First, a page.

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Question
My daughters pet rat has what I believe is an absess on her neck and we can't afford to go to a vet. It has grown in only a day and does not seem to affect her. It wasn't there this morning but has grown quite large over the day. Can I treat this myself?

Answer
Dear John,

If it came on this quickly, there is good hope that it is an abscess.

If you brought the rat to the vet, besides diagnosing it as an abscess or something else, the vet could also both aspirate it and give her the best antibiotic for what it seems to be.

If you can't get to the vet easily-- and I understand-- there are still things you can do which are likely to be successful.

The first thing you do with an abscess is to treat it with heat 2-3 times a day for ten minutes. Rats' bodies are even a little warmer than ours, so if it isn't too hot for you, it isn't too hot for her.

People have tried different things.. sometimes people will use hot cabbage leaves in a sock around the body, but that probably won't work for you. I had a guy with an abscess on his lower abdomen and I took a strong Ziplock bag and filled it partway with hot water - seal out the air- and I held him on my lap with this heat pack in place as he ate soy  yogurt off of the top of a yogurt container. For someone else I suggested something firmer- a tomato, in half, heated in the microwave and in a Ziplock bag.  You will have to figure out what works.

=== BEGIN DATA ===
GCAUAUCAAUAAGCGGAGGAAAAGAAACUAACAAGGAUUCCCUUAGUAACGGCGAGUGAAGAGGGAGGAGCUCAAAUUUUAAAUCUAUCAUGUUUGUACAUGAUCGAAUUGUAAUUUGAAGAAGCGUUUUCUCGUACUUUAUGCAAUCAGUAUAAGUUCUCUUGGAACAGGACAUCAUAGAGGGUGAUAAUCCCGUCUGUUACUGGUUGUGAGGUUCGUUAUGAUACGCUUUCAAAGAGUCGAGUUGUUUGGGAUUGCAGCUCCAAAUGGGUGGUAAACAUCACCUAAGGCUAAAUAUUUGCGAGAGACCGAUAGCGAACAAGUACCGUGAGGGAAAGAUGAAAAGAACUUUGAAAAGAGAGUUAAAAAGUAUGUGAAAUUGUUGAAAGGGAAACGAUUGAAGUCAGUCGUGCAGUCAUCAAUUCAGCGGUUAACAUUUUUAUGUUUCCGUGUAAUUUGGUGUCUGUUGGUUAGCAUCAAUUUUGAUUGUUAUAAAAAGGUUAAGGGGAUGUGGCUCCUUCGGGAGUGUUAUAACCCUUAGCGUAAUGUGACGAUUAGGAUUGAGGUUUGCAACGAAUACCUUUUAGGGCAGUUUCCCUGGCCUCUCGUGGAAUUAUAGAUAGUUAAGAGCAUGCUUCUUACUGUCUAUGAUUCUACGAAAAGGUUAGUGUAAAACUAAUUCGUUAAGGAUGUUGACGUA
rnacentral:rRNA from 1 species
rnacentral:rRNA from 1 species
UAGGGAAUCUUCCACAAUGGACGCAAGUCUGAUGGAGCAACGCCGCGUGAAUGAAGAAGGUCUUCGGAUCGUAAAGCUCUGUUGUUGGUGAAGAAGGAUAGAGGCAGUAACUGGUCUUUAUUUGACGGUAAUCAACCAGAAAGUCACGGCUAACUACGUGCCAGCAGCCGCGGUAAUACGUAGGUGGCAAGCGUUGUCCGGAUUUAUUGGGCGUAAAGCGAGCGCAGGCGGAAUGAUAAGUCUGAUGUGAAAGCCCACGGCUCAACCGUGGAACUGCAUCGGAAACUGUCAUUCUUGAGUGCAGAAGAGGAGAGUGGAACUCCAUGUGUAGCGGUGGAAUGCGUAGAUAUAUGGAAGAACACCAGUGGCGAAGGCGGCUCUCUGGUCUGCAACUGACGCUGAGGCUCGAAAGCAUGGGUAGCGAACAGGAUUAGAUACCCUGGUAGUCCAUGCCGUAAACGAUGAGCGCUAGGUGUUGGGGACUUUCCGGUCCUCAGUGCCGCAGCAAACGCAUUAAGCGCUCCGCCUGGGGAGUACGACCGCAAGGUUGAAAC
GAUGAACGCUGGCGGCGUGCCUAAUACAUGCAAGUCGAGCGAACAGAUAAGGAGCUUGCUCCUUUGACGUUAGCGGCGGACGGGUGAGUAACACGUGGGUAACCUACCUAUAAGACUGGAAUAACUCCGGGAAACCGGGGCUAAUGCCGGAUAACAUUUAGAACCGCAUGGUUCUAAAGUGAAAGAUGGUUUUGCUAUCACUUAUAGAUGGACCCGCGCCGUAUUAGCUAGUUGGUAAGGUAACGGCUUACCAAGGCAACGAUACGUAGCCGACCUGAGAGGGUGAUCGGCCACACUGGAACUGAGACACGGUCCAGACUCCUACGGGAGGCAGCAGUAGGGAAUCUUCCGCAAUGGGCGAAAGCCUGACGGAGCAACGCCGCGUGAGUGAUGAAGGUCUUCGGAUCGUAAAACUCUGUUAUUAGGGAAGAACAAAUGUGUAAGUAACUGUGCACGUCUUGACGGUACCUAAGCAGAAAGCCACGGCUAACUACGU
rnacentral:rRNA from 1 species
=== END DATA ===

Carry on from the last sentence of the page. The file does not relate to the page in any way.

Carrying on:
The abscess should come close to the surface and open up, and it may look and smell horrific. The one I heat-treated was small and simply disappeared, but yours sounds much larger. Once it opens you have to keep it clean. Rinse it twice a day with saline and a Q tip. It should eventually heal into a normal scab and disappear. If it becomes red, puffy, begins to smell bad after it has closed up, or seems to hurt her, it is infected inside and has to be dealt with so she doesn't die of blood poisoning.


The second thing you should do is order some Baytril. You should have this on hand anyway, with rats, because it is what cures their typical sniffles and sneezes that accompany myco, which is what usually makes a rat sick. It is prescription only in most forms, but you can get it non prescription and formulated for birds at the Internet pigeon supply store Jedd's. You can't order it online because it is no longer legal for poultry, but you can get it by calling. The generic name for Baytril is enrofloxacin.

http://www.jedds.com/StoreFront.bok

Call 800-659-5928


If the abscess has not healed within a week, start on the Baytril and keep on it for at least 2 weeks even though it looks fine. Keep the Baytril to use for sniffles. Never give any antibiotic for less than two weeks no matter what; three is always better.


Here is information and dosing on Baytril, from ratfanclub.org


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Baytril (generic name: enrofloxacin)

Enrofloxacin is a broad spectrum antibiotic in the fluoroquinolone family.  It is bacteriocidal.  It is particularly good for Mycoplasma.  It can also be good for urinary infections, especially when used along with amoxicillin.  It can safely be used very long term in rats (ie. 2 years!) Other brand names  are usually similar to enrofloxacin, ie. Enrofloxin.